On the Web, how free is too free for speech?

On Blogs

April 15, 2007|By Troy McCullough | Troy McCullough,Sun Columnist

There's a lot to like about a new proposed bloggers' code of conduct, but plenty of bloggers want nothing to do with it.

The code, written by the highly respected Tim O'Reilly of the O'Reilly Media publishing empire, calls for bloggers to take greater responsibility over their blogs in an effort to raise the level of discourse online. It calls for clear labels to tell commenters what is and isn't allowed. It suggests eliminating anonymous comments, ignoring those who are itching for a fight and confronting those who are the most abusive. And finally, it suggests that bloggers not say anything online that they wouldn't say in person.

O'Reilly's proposed code came about after a friend of his, blogger Kathy Sierra, came under attack, receiving a series of extremely disturbing anonymous death threats on her site and on others. The threats against Sierra (for more details, see her post here: http:--headrush.typepad.com/creating_pas sionate_users/2007/03/as_i_type_this_.html) exemplify the latest of what seems to be an endless stream of ugly, vulgar, vitriolic speech that sometimes spews forth onto the Web. O'Reilly and others say it's time to reclaim the medium in the name of civility.

"We celebrate the blogosphere because it embraces frank and open conversation in ways that were long missing from mainstream media and marketing-dominated corporate websites," O'Reilly writes. "But frankness does not have to mean lack of civility. There's no reason why we should tolerate conversations online that we wouldn't tolerate in our living room."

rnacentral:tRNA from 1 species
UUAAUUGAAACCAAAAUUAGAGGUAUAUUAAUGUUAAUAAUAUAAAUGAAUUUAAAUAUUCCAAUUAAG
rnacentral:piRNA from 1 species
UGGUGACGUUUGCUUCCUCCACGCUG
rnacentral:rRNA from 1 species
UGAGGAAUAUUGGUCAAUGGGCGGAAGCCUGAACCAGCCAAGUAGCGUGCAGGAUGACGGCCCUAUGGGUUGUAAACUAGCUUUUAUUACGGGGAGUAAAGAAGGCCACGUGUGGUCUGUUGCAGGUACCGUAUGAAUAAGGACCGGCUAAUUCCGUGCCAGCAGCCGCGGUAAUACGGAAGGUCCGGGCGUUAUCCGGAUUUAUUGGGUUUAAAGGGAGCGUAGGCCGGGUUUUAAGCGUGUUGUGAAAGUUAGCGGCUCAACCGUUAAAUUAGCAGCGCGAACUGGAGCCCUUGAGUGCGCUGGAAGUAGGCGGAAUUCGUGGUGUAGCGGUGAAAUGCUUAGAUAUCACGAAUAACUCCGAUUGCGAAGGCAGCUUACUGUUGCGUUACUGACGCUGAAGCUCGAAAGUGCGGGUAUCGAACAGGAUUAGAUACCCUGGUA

It's a well-reasoned and thoughtful plea. And it's also misguided, a lot of bloggers say.

"Tim O'Reilly's well-intentioned Blogger Code of Conduct is an attempt to come up with a voluntary set of behavioral norms that will keep blogs civil and honest," wrote Cory Doctorow of Boing Boing. "However, I was very uncomfortable with Tim's draft, as it seemed to preclude real anonymity and invite censorship."

Others were even more succinct: "This is a complete load of sh--," wrote Jay Andrew Allen on his blog The Zero Boss. "Let's not start talking about self-regulation when, in the main, the blogosphere self-regulates just fine as it is."

"While we're at it," wrote Silicon Valley blog ValleyWag, "how about an ombudsman, required ethics courses at J-school, and regulation by the FCC? Because that's worked so well for America's breathtakingly turgid daily newspapers, and bland network news."

Dozens of prominent blogs - some of the most influential online voices - have voiced their opposition to the code, but one of the most lucid criticisms came from an anonymous blogger known as The Sufferable Ass:

"There's no real debate about the appropriateness of the attacks on Sierra," the blogger wrote. "The blogosphere leapt to her defense. The outcry was overwhelmingly in her favor. The offending blog was taken down. The wheels of justice are in motion to punish the perpetrators. Really, what more do you think you can accomplish at this point?

"Here's the question," the blogger added, "do we embrace free speech on the Internet or don't we? If you really believe in the promise of the new Internet age, then you need to accept the consequences that come with the freedoms of this new medium. To do otherwise is to begin down a slippery slope that will lead to the diminishment of open communication."

That's a slope many bloggers aren't ready to head down.

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